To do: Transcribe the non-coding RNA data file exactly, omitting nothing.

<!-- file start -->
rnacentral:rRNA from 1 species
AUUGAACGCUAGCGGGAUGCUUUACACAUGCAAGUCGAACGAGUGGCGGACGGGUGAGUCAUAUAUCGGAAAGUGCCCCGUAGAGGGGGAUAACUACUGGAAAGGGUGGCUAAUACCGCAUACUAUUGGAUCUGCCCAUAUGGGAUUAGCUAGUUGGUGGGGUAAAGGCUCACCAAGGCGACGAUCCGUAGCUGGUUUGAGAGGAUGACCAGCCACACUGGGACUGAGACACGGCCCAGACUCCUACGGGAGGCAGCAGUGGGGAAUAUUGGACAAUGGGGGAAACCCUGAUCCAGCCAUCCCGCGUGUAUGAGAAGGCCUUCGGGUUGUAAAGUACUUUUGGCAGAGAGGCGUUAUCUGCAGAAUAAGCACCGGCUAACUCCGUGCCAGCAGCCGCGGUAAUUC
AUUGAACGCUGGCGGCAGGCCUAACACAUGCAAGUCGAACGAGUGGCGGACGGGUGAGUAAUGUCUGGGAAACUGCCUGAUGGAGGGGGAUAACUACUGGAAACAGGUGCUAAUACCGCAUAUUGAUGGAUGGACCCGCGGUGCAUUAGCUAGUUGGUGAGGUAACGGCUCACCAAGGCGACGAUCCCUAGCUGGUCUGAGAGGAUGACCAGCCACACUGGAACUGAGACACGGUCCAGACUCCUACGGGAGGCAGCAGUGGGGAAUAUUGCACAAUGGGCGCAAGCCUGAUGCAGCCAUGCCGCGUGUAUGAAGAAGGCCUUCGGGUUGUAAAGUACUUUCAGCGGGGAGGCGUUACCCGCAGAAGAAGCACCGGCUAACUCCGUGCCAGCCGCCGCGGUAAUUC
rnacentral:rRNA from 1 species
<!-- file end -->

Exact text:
rnacentral:rRNA from 1 species
AUUGAACGCUAGCGGGAUGCUUUACACAUGCAAGUCGAACGAGUGGCGGACGGGUGAGUCAUAUAUCGGAAAGUGCCCCGUAGAGGGGGAUAACUACUGGAAAGGGUGGCUAAUACCGCAUACUAUUGGAUCUGCCCAUAUGGGAUUAGCUAGUUGGUGGGGUAAAGGCUCACCAAGGCGACGAUCCGUAGCUGGUUUGAGAGGAUGACCAGCCACACUGGGACUGAGACACGGCCCAGACUCCUACGGGAGGCAGCAGUGGGGAAUAUUGGACAAUGGGGGAAACCCUGAUCCAGCCAUCCCGCGUGUAUGAGAAGGCCUUCGGGUUGUAAAGUACUUUUGGCAGAGAGGCGUUAUCUGCAGAAUAAGCACCGGCUAACUCCGUGCCAGCAGCCGCGGUAAUUC
AUUGAACGCUGGCGGCAGGCCUAACACAUGCAAGUCGAACGAGUGGCGGACGGGUGAGUAAUGUCUGGGAAACUGCCUGAUGGAGGGGGAUAACUACUGGAAACAGGUGCUAAUACCGCAUAUUGAUGGAUGGACCCGCGGUGCAUUAGCUAGUUGGUGAGGUAACGGCUCACCAAGGCGACGAUCCCUAGCUGGUCUGAGAGGAUGACCAGCCACACUGGAACUGAGACACGGUCCAGACUCCUACGGGAGGCAGCAGUGGGGAAUAUUGCACAAUGGGCGCAAGCCUGAUGCAGCCAUGCCGCGUGUAUGAAGAAGGCCUUCGGGUUGUAAAGUACUUUCAGCGGGGAGGCGUUACCCGCAGAAGAAGCACCGGCUAACUCCGUGCCAGCCGCCGCGGUAAUUC
rnacentral:rRNA from 1 species